BBC – Earth News – Invasion of the ‘island snatchers’

Almost 400 invasive plant species have set up home as weeds on some of the world’s most distant oceanic islands.

    Hawaii has been particularly inundated by invasive weeds. For Hawaii alone, it is said that 10,000 non-native plant taxa have been introduced to the islands. A vast majority have been deliberately introduced and
Botanist Dr Christoph Kueffer


Clidemia herta<br />Click for Larger image
Clidemia herta
Click for Larger image
About half now dominate their new habitat, and hundreds more species are expected to invade these once pristine islands in the coming years.

So says the most comprehensive survey to date of invasive plants on island archipelagos.

Worse, people are mainly to blame, having repeatedly introduced these weeds into their farms and gardens.

Non-native plants and animals can be extremely destructive.

But while it is undisputed that many invasive animals such as rats and cats pose a major threat to biodiversity, it is less clear what role invasive plants play in changing native habitats.

So botanist Dr Christoph Kueffer of the University of Hawaii in Honolulu and colleagues across Europe analysed how many species of invasive plants have become established on island archipelagos. > Business > Kauai Business > Path to sustainability

Hanalei Click for Larger Image
Hanalei         Click for Larger Image        
Kaua‘i  now imports approximately 90% of its daily food. This situation renders us vulnerable to interruptions in shipping, rising fuel costs and an increasing scarcity of certain foods in the face of rising world population. Some experts claim that the demand for food has already exceeded the supply. These conditions invite predictions of serious food shortages for our island at the same time that profits from our food expenditures are going to off-island suppliers rather than strengthening our local economy.

On the average the entire State only produces somewhere between 4.4 to 5.8 percent of our food supply. Specialists at the University of Hawaii College of Tropical Agricultural have pointed out that if we doubled our production of local food we would be avoiding $120 million in imports and creating more than 3,000 jobs. Farm related business income would increase, they predict, by about $64 million, and of course, other economic benefits would occur.  Similar estimates regarding the benefits of increasing local food production have been suggested by Governor Lingle and also by the Hawaii Department of Agriculture. > Business > Kauai Business > Path to sustainability

Recent ‘Awa (Kava Kava) Harvest

Uaka Kava of Hilo Hawaii have recently restocked ‘Awa (Kava Kava) powder they make from the dried fresh root of the Mahakea variety grown on the Big Island. This powder is for sale on their website:

There still continues to be a shortage of fresh root due to the disruption in planting caused by BfArM (German Federal Institute for Drugs and Medical Devices) erroneously linking fresh ‘Awa root to liver damage in 2001. This was subsequently disproved by UH Scientists:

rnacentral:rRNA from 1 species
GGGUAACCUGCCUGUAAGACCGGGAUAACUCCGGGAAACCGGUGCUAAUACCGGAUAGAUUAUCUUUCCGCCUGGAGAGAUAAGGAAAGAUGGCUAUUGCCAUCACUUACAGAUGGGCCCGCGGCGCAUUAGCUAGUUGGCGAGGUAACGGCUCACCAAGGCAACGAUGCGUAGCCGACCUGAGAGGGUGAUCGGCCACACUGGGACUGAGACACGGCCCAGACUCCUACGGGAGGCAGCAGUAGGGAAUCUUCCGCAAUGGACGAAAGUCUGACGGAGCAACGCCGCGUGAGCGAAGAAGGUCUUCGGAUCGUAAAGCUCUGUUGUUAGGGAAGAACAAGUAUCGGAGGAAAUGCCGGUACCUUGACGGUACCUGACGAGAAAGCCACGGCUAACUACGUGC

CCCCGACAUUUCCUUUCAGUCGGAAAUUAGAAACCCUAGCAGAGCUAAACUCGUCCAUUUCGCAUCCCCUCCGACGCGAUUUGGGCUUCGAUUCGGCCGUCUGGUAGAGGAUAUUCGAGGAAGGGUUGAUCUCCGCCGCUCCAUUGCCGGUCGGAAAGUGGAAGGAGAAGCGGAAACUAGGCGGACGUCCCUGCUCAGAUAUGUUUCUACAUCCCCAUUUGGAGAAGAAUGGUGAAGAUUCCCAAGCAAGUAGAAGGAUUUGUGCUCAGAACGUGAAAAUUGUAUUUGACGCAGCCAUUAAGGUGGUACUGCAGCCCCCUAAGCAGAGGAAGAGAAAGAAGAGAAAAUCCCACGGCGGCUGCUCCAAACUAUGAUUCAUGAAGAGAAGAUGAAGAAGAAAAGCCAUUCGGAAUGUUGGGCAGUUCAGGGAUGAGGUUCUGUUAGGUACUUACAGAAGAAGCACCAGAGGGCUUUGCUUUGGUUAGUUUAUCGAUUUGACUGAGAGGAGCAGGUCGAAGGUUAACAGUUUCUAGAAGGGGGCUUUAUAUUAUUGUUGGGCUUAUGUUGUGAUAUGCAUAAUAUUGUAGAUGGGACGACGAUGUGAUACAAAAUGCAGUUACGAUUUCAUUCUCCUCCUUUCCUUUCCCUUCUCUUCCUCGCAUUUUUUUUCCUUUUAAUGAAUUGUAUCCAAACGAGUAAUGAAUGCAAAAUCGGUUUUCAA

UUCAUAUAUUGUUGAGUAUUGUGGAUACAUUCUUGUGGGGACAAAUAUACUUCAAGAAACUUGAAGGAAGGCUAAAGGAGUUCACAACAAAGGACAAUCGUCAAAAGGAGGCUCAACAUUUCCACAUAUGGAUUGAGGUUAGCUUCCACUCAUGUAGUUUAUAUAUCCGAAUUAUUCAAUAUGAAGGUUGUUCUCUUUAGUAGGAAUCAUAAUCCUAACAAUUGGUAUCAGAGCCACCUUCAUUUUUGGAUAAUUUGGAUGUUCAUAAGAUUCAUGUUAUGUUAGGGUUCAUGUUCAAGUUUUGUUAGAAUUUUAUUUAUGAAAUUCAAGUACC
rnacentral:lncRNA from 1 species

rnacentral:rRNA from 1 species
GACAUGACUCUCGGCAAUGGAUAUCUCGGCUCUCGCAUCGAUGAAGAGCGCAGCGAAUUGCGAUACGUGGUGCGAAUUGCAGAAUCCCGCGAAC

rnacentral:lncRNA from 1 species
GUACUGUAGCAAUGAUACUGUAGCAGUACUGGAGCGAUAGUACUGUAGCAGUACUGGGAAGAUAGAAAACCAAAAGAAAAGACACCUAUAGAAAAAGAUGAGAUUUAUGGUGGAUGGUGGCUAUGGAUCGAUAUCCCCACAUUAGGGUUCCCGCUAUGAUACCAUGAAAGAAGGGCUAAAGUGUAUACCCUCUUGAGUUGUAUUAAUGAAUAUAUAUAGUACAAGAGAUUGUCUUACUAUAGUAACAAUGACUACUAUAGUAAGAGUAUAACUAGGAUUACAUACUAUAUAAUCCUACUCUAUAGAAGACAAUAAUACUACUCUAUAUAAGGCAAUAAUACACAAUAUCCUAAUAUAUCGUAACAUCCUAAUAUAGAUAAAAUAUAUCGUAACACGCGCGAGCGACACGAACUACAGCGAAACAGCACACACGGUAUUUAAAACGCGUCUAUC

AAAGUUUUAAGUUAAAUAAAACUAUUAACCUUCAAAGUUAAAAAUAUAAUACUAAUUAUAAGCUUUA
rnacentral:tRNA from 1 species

A team of University of Hawai’i scientists may have solved the mystery of why some Europeans who used products containing kava extract suffered severe liver damage, prompting a number of nations to ban sales of the herbal supplement.
Read Complete Honolulu Advertiser article . . .

There have actually been reports of health benefits from using ‘Awa root:
American Association for Cancer Research
Fiji Times

When the supply is normal Uka Kava makes dried fresh root powder processed from these varieties:Uka Kava
‘Awa Hanakapi ‘ai
‘Awa Hiwa
‘Awa Honokane Iki
‘Awa Kumakua
‘Awa Mahakea
‘Awa Mapulehu
‘Awa Pana’ewa
‘Awa Mo’i
‘Awa Nene
‘Awa ‘Opihikao
‘Awa Papa ‘Ele’ele
‘Awa Papa Kea
‘Awa Papa’ Ele’ele Pu’upu’u

During fresh root shortages Uka Kava offers their “Hang Loose Instant Kawa” product which many people prefer anyway due to ease of preparation.

Uka Kava also has a Woodworking Division which produces bowls and other objects made from exotic local woods such as Koa, Milo, Pride of India (China berry), and Norfolk pine.

Disaster Preparedness

Disaster Preparedness
How Prepared is Your Farming Operation?

Maui Extension Office
Monday, November 26, 2007
11 am ? 1:30 pm

Natural disasters, such as droughts, floods, wild fires, hurricanes, pests, and diseases, can cause excessive economic damage to agricultural production. In addition to crop damage, disasters can also affect farm buildings, machinery, animals, irrigation, family members and employees. Disasters along with marketing difficulties can lead to serious downturns in your farm income.

How prepared are you? This workshop is designed to provide you with information on:
1) preparing your operation for a natural disaster and
2) available and affordable crop insurance programs that minimize risk associated with economic losses.
Note: Now that the “Adjusted Gross Revenue” (AGR) insurance is available for 2008, in effect all Hawaii crops can be insured to some degree ? not just bananas, coffee, papayas, macnuts & nursery.

? USDA Farm Service Agency (FSA) administers and oversees farm commodity, credit, conservation, disaster and loan programs. These programs are designed to improve the economic stability of the agricultural industry and to help farmers adjust production to meet demand.

? USDA Risk Management Agency Western Regional Office, Davis. USDA RMA helps producers manage their business risks through effective, market-based risk management solutions.

? John Nelson from the Western Center for Risk Management Education (Washington State University) on the new Adjusted Gross Revenue (AGR) Insurance.